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25
Quantum Equilibrium and the Origin of Absolute Uncertainty
, 1992
"... The quantum formalism is a "measurement" formalisma phenomenological formalism describing certain macroscopic regularities. We argue that it can be regarded, and best be understood, as arising from Bohmian mechanics, which is what emerges from Schr6dinger's equation for a system of particles when ..."
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Cited by 111 (47 self)
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The quantum formalism is a "measurement" formalisma phenomenological formalism describing certain macroscopic regularities. We argue that it can be regarded, and best be understood, as arising from Bohmian mechanics, which is what emerges from Schr6dinger's equation for a system of particles when we merely insist that "particles " means particles. While distinctly nonNewtonian, Bohmian mechanics is a fully deterministic theory of particles in motion, a motion choreographed by the wave function. We find that a Bohmian universe, though deterministic, evolves in such a manner that an appearance of randomness emerges, precisely as described by the quantum formalism and given, for example, by "p = IV [ 2.,, A crucial ingredient in our analysis of the origin of this randomness is the notion of the effective wave function of a subsystem, a notion of interest in its own right and of relevance to any discussion of quantum theory. When the quantum formalism is regarded as arising in this way, the paradoxes and perplexities so often associated with (nonrelativistic) quantum theory simply evaporate.
NPcomplete problems and physical reality
 ACM SIGACT News Complexity Theory Column, March. ECCC
, 2005
"... Can NPcomplete problems be solved efficiently in the physical universe? I survey proposals including soap bubbles, protein folding, quantum computing, quantum advice, quantum adiabatic algorithms, quantummechanical nonlinearities, hidden variables, relativistic time dilation, analog computing, Mal ..."
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Cited by 33 (5 self)
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Can NPcomplete problems be solved efficiently in the physical universe? I survey proposals including soap bubbles, protein folding, quantum computing, quantum advice, quantum adiabatic algorithms, quantummechanical nonlinearities, hidden variables, relativistic time dilation, analog computing, MalamentHogarth spacetimes, quantum gravity, closed timelike curves, and “anthropic computing. ” The section on soap bubbles even includes some “experimental ” results. While I do not believe that any of the proposals will let us solve NPcomplete problems efficiently, I argue that by studying them, we can learn something not only about computation but also about physics. 1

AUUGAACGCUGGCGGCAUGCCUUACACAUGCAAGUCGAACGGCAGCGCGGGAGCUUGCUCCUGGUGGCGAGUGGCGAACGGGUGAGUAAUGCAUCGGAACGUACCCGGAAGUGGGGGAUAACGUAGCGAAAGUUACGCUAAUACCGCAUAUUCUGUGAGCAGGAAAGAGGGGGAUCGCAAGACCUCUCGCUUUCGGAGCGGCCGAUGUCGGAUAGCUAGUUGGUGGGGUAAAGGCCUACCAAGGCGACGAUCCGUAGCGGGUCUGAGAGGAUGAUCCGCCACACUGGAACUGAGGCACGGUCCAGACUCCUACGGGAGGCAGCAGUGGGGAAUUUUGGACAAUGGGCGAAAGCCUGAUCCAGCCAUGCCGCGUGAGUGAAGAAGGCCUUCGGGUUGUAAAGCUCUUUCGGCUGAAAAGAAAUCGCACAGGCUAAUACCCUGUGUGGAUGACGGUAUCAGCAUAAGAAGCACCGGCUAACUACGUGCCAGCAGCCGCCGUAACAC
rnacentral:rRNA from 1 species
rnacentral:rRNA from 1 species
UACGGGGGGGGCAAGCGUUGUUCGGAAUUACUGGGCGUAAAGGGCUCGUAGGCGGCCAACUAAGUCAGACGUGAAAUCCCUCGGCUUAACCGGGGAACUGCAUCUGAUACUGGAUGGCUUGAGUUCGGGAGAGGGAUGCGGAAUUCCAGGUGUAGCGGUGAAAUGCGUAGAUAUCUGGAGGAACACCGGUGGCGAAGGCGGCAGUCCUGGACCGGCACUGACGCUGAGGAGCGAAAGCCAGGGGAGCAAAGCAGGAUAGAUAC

Scattering Theory From Microscopic First Principles
 Physica A
, 2000
"... We sketch a derivation of abstract scattering theory from the microscopic first principles defined by Bohmian mechanics. We emphasize the importance of the fluxacross surfaces theorem for the derivation, and of randomness in the impact parameter of the initial wave functioneven for an, inevitabl ..."
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Cited by 15 (11 self)
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We sketch a derivation of abstract scattering theory from the microscopic first principles defined by Bohmian mechanics. We emphasize the importance of the fluxacross surfaces theorem for the derivation, and of randomness in the impact parameter of the initial wave functioneven for an, inevitably inadequate, orthodox derivation. 1 Dedicated to Joel Lebowitz, with love and admiration, for his 70th birthday. Supported in part by the DFG, by NSF Grant No. DMS9504556, and by the INFN. Preprint submitted to Elsevier Preprint 8 November 1999 1
Is quantum mechanics an island in theoryspace
 Proceedings of the Växjö Conference “Quantum Theory: Reconsideration of Foundations
, 2004
"... This recreational paper investigates what happens if we change quantum mechanics in several ways. The main results are as follows. First, if we replace the 2norm by some other pnorm, then there are no nontrivial normpreserving linear maps. Second, if we relax the demand that norm be preserved, we ..."
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Cited by 8 (6 self)
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This recreational paper investigates what happens if we change quantum mechanics in several ways. The main results are as follows. First, if we replace the 2norm by some other pnorm, then there are no nontrivial normpreserving linear maps. Second, if we relax the demand that norm be preserved, we end up with a